The UCPA currently prohibits activities that may create confusion between one party's trademark and the well-known source identifier of another party, or may dilute another party's well-known source identifier, through commercial use of a mark that is identical or similar to the well-known source identifier.

Such well-known source identifiers include not only trademarks, but also names, product configurations, product packaging and any other signs which identify the source of the products or services. However, until the present amendment, it was unclear whether the overall appearance of a service provider's business could also be protected under these specific provisions of the UCPA.

The amendment to the UCPA makes it clear that a service provider's trade dress is also protected by adding the following examples of the types of source identifier covered:

"the manner in which goods are offered for sale/services are provided, and the overall appearance of the place where the service is provided, such as signboards, and external and interior design."

Among others, interior and exterior design only recently started to be protected as trade dress by the South Korean courts under a different provision of the UCPA – the 'catch-all' provision – which prohibits a party from infringing another person's right to business profit by using commercially the output produced by that person through considerable effort and investment, without authorisation, through a method that contravenes fair trade practice or competition order. The first time that the Supreme Court ruled that the overall appearance of a store design was a protectable right was under the catch-all provision.(1)

The courts have established three requirements that must be met in order for a service provider to enjoy trade dress protection under the catch-all provision:

  • the trade dress must be distinctive;
  • the trade dress cannot be simply functional; and
  • there must exist a likelihood of consumer confusion.

The new amendment to the UCPA source identifier provisions, while intended to more clearly protect trade dress in South Korea, may render protection for the trade dress of service providers more elusive, as plaintiffs will have to prove that the trade dress is well-known, a difficult element to establish in practice.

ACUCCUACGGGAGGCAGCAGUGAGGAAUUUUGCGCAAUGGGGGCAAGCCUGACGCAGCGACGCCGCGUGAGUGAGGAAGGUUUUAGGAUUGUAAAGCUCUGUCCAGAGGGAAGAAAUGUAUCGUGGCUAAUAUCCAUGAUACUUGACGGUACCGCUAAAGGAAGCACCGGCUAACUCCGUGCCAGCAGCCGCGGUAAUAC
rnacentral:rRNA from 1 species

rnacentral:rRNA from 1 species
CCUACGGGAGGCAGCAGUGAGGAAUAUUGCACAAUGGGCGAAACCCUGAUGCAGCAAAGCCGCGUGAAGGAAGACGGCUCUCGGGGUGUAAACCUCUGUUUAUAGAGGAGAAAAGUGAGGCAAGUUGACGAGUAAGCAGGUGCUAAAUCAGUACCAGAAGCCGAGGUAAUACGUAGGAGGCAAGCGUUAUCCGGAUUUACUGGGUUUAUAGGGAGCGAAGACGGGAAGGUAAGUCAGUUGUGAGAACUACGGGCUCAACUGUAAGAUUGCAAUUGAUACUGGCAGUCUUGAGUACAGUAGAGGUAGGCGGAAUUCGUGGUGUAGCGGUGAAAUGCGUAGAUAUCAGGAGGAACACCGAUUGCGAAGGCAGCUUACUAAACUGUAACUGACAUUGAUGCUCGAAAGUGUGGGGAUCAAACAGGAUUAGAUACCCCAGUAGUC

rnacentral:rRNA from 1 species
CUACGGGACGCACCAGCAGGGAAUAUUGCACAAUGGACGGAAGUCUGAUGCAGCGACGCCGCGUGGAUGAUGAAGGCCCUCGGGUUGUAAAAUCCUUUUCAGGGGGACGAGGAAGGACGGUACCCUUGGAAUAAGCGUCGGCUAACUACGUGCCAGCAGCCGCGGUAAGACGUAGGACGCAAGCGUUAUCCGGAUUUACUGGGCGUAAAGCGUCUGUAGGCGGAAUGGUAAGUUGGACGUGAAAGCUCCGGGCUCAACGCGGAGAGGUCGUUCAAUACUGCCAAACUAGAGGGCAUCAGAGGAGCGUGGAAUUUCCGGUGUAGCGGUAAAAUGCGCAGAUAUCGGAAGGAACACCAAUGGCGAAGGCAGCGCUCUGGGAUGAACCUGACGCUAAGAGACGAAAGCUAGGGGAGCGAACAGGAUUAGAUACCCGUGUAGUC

However, application of the catch-all provision has mostly been limited to cases where the trade dress was not clearly protected elsewhere under South Korean IP or UCPA law (although the Supreme Court has yet to weigh in on this issue).

Thus, it remains to be seen whether the amendment, by making it clear that trade dress can function as a source identifier, will actually provide service providers with stronger protection for their trade dress compared to under the catch-all provision.

New provision regarding theft of ideas

The amendment introduces a new type of unfair competitive activity, by prohibiting the unfair use of information with economic value (including technical or business ideas) that has been obtained through a business proposal, bidding, public contest, business negotiations or during the process of a transaction. The unfair uses covered by this provision include uses for one's own business or for a third-party business, as well as providing the information to a third party for its use. However, there is no violation if the person accused of obtaining the idea had previous knowledge of the idea, or if the idea was widely known in the concerned business field.

Violation of this provision may subject the offender to civil and administrative liability, but not criminal liability.

For further information on this topic please contact Sung-Nam Kim or Alexandra Bélec at Kim & Chang by telephone (+82 2 2122 3900) or email ( or The Kim & Chang website can be accessed at


(1) For further details, please see "Supreme Court affirms that shop decorations and trade dress are protected under unfair competition law".